Run your hand through your hair. Did you find any hair strands in your hand? Don’t worry, it’s common. Yes, Hair fall is common but Hair Loss? That’s where you need to take matter seriously.
Our scalp can lose up to 100 hair strands a day and with the countless strands we have, it’s hardly a loss. That’s because new hair strands replace the ones that fall down within no time. This is called the hair life cycle which lasts up to 3 years for each strand.
But are you noticing more than normal hair fall? Maybe clumps of hair in your hairbrush after combing your hair, or even large amount of hair in your drain? This is what Hair Loss looks like.
You may not have noticed hair thinning, hairless patches or even baldness in certain areas, but it can be the onset of Hair Loss.
Hair Loss is one of those conditions that can come to be suddenly. In earlier times, it used to be a common condition in people who have crossed the threshold of forty years of age. But with our haphazard lifestyle, hair loss is often seen in kids as young as six to as old as forty.
But there is hope. Hair Loss or otherwise known as Excessive Hair fall can be identified with a number of symptoms and signs.
Let's have a look at few signs -
The most common hair loss condition that comes with age is Hair Thinning. This often begins with a receding hairline – especially in women. It typically can be noticed with a broadening forehead and it can continue to grow if not catered to in time.
Ever noticed some people having bald patches most commonly at the centre of their head, or beard, sometimes even eyebrows? That usually comes to be with bad hair hygiene and your scalp’s skin becoming itchy – leading to excess hair fall.
Ringworm. Yes, this is a sign of ringworm, that causes your hair health to deteriorate. You might witness broken hair, redness, swelling and sometimes oozing at these scaly patches across your scalp.
Did you know, you can lose hair all across your body? This could be a result of heavy medicines being taken for a while.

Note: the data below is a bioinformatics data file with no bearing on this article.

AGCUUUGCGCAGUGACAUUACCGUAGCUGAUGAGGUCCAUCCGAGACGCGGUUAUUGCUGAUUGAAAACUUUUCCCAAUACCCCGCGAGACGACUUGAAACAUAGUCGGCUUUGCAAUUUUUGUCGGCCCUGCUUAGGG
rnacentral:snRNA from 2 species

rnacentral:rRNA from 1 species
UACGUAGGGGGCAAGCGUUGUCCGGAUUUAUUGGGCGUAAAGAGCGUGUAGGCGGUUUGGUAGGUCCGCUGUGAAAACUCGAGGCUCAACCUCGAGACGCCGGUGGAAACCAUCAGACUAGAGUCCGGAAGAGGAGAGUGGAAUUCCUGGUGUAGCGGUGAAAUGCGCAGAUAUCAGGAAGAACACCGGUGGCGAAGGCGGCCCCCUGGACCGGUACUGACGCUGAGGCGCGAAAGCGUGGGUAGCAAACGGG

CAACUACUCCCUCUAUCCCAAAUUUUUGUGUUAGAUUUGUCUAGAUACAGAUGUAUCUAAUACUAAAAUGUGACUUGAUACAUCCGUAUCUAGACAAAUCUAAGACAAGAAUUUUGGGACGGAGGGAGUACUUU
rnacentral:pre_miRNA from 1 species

If you’re feeling tormented by Hair Loss over a period of time, we suggest ending this misery by visiting a Dermatologist. Whether it’s an adult or a kid, a dermat will be able to help you with a significant treatment. For women, it’s best to visit at the earliest, in order to avoid permanent baldness.
There are numerous methods a Dermatologist uses to evaluate a patient presenting with symptoms of hair loss. A Dermatologist usually studies the history and symptoms of the patient in details before landing on a hair fall test.
Hair loss tests can be divided into four types:
If your Dermatologist suggests Daily Hair Counts, they are expecting you to collect the hair shed (shower, sink, floor or brush) in one day. As mentioned earlier, it is normal to lose up to 100 hairs per day, but if it exceeds more than that your doctor would probe further, asking you to do more tests.
Another commonly used Hair Loss test is the Hair Pull test. The Dermatologist will ask you to self-conduct a hair pull, where in you would be holding approximately 20-60 hairs firmly between the thumb, index and middle finger from the base of the hair near the scalp. If more than 10 % of the hair are pulled away from the scalp, then it is a positive pull test and indicates active hair shedding.